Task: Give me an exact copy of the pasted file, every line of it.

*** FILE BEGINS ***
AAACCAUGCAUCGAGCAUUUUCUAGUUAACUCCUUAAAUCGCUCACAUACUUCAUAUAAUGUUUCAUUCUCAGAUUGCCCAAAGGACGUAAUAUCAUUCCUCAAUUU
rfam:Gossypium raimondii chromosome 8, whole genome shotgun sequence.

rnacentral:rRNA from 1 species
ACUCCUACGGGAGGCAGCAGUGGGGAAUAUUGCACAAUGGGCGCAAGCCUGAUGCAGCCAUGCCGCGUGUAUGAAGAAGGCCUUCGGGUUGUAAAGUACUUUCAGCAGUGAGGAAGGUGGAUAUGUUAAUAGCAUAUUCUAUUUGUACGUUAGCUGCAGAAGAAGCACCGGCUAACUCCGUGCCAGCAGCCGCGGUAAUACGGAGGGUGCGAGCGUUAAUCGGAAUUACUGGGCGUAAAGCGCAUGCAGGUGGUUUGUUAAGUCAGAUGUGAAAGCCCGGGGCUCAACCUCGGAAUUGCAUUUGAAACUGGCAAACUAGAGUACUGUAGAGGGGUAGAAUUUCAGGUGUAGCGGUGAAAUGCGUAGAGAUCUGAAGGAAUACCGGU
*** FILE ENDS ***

AAACCAUGCAUCGAGCAUUUUCUAGUUAACUCCUUAAAUCGCUCACAUACUUCAUAUAAUGUUUCAUUCUCAGAUUGCCCAAAGGACGUAAUAUCAUUCCUCAAUUU
rfam:Gossypium raimondii chromosome 8, whole genome shotgun sequence.

rnacentral:rRNA from 1 species
ACUCCUACGGGAGGCAGCAGUGGGGAAUAUUGCACAAUGGGCGCAAGCCUGAUGCAGCCAUGCCGCGUGUAUGAAGAAGGCCUUCGGGUUGUAAAGUACUUUCAGCAGUGAGGAAGGUGGAUAUGUUAAUAGCAUAUUCUAUUUGUACGUUAGCUGCAGAAGAAGCACCGGCUAACUCCGUGCCAGCAGCCGCGGUAAUACGGAGGGUGCGAGCGUUAAUCGGAAUUACUGGGCGUAAAGCGCAUGCAGGUGGUUUGUUAAGUCAGAUGUGAAAGCCCGGGGCUCAACCUCGGAAUUGCAUUUGAAACUGGCAAACUAGAGUACUGUAGAGGGGUAGAAUUUCAGGUGUAGCGGUGAAAUGCGUAGAGAUCUGAAGGAAUACCGGU